Luke’s vivid Gospel narrative paints the details of Christ’s ministry with brilliant precision, giving readers a real sense of what Christ’s life was like. Not only that, the Acts of the Apostles is the definitive account of the early church. From it we have the accounts of the martyrdom of St. Stephen, St. Peter’s miraculous deliverance from prison, the missionary journeys of St. Paul, and a host of others. Though little is known about his life, St. Luke’s contribution to the church is sweeping, both in his intimate stories that bring Christ’s life into focus, and his accounts of the apostles that give us a glimpse of Christ’s vision for the church.
October 19 – St. Isaac Jogues
Born in 1607 and ordained as a Jesuit priest in 1636, St. Isaac Jogues was one of the earliest missionaries to the Native Americans in New France (now Eastern Canada and the Midwest United States) and was one of the first North American martyrs recognized by the Church. After a few years of ministry that were relatively uneventful, Isaac and his companions were captured by Iroquois in 1641. They whipped and tormented Isaac and his fellow missionaries for a full year, during which Isaac watched the brutal death of his companions. But torture and death were not enough to stop Isaac from evangelizing to the Iroquois during his captivity, and he even baptized several of them before escaping on a Dutch ship.
Even after his harrowing time as a captive, Isaac could not stop thinking about the Iroquois’s need for the Gospel. Only three months after his escape, knowing that to return likely meant to die, he went back. He and his fellow missionary, Jean de Lalande, were killed en route to the Iroquois by a group of Mohawks in 1646. Before his return, Isaac said: “My heart tells me that, if I am the one to be sent on this mission, I shall go but I shall not return. But I would be happy if our Lord wished to complete the sacrifice where he began it.”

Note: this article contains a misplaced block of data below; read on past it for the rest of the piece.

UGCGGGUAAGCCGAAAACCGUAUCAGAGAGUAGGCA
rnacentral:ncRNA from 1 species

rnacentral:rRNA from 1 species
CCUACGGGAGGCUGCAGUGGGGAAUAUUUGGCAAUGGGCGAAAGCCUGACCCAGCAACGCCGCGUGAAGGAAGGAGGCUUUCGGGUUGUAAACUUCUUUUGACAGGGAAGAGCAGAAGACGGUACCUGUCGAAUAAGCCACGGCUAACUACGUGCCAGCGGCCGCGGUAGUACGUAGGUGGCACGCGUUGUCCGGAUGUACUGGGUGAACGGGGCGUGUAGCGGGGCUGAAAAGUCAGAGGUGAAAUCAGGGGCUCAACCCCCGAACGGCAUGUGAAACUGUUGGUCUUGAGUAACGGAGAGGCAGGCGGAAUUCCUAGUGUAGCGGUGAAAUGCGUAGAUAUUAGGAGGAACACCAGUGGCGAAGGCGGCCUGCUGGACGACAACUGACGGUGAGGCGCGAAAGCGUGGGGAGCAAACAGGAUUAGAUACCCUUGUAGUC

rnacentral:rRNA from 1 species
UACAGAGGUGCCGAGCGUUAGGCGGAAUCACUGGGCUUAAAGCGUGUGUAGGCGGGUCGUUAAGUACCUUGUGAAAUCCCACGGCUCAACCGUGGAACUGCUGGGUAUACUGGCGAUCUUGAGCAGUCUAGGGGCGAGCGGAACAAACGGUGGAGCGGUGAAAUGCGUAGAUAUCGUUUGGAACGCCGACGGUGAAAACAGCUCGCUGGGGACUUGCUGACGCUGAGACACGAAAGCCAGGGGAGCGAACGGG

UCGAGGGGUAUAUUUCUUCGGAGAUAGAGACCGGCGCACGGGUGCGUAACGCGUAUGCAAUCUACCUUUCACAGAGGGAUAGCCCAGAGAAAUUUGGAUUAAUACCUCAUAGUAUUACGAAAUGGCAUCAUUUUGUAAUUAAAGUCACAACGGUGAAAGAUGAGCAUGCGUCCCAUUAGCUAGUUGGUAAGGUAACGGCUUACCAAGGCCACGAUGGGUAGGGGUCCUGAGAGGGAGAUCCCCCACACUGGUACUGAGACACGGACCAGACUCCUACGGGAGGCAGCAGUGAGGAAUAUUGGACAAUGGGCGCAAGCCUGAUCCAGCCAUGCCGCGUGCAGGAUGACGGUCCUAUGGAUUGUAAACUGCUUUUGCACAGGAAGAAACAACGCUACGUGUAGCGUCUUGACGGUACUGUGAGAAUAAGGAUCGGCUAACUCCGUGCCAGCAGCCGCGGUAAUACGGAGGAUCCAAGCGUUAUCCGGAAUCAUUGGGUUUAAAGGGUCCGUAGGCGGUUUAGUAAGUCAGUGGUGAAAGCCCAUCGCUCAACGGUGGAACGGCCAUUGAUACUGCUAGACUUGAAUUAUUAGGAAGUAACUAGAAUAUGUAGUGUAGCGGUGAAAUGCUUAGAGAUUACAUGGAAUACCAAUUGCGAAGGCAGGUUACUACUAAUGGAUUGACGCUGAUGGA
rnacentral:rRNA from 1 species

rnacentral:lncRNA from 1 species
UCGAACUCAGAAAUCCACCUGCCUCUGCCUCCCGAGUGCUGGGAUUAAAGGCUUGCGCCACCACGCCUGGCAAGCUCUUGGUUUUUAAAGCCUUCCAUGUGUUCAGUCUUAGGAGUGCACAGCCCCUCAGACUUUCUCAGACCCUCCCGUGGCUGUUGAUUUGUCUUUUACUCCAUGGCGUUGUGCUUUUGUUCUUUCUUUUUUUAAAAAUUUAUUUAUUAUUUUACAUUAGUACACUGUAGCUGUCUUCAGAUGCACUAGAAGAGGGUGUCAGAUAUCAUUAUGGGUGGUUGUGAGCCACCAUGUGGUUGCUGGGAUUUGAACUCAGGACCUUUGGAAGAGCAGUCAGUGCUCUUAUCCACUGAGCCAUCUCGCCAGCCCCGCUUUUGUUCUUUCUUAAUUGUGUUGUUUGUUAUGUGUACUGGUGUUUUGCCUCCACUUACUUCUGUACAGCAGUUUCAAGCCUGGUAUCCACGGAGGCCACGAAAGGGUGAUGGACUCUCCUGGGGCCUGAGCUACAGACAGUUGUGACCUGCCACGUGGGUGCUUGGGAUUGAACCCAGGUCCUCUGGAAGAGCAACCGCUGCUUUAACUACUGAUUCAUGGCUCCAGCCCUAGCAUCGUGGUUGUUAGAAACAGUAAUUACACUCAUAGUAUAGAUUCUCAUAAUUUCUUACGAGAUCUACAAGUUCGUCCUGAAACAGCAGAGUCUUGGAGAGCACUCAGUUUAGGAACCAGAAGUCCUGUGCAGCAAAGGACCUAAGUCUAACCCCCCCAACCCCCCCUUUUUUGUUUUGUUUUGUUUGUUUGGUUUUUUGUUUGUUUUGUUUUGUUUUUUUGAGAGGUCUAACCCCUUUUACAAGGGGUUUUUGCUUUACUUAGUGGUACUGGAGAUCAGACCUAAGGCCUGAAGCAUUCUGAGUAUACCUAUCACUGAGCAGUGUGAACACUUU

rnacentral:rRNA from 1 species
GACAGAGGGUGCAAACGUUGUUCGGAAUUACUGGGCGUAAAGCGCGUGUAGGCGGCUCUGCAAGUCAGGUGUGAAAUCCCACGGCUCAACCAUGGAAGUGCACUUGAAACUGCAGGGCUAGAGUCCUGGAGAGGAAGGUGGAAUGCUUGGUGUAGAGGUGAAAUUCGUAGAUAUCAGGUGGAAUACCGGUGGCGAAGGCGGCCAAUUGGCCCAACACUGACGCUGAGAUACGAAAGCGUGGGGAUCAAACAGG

October 24 – St. Anthony Mary Claret
St. Anthony Mary Claret, founder of the Missionary Sons of the Immaculate Heart of Mary, was a man of many talents. Born in Spain in 1807, he was a weaver, a printer, and an intellectual, becoming fluent in Latin before his love for spiritual things drove him to pursue the priesthood. After his ordination in 1835, he felt called to become a missionary and joined the Jesuit order in Rome. But declining health drove him back home to Spain, where he found that God still had work for him. He began evangelizing to those around him and throughout Catalonia, founding the Apostolic Training Institute of the Immaculate Conception, now known as the Claretians, in 1849.
In 1850 he was appointed the Archbishop of Cuba, a challenging and occasionally dangerous position. Once, after Anthony’s teaching helped a young woman to live a moral life, her beau tried to kill Anthony and left him seriously wounded. After seven years as archbishop, Anthony returned to Spain to become the personal confessor to Queen Isabella II. During this time he wrote, gave speeches, and published several books and religious pamphlets. When the Spanish revolution forced Queen Isabella into exile in 1868, he went with her, but he never returned. He died at a Cistercian monastery in France in 1870.
St. Anthony Mary Claret’s life serves as an example of servitude, scholarship, and evangelism. Love for the whole of the Trinity inspired his devotion and mission. As Pope John Paul II said of him: “Love for the Father prompted St. Anthony Mary Claret to follow and imitate Jesus Christ always in prayer, work and suffering, and to open himself to the action of the Holy Spirit, who inspired his mission of evangelizing the poor.”
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Remarks Given in St. Peter’s Square on March 23, 2011, Benedict XVI. Accessed via the Vatican.
Rohling, Geraldine M., PhD, MAEd. The Basilica of the National Shrine of the Immaculate Conception: Guide and Tour Book. Washington, D.C.: Basilica of the National Shrine of the Immaculate Conception, 2018.
“Saints Isaac Jogues, Jean de Brébeuf, and Companions,” Franciscan Media
The Way of Saints, Dr. Tom Cowan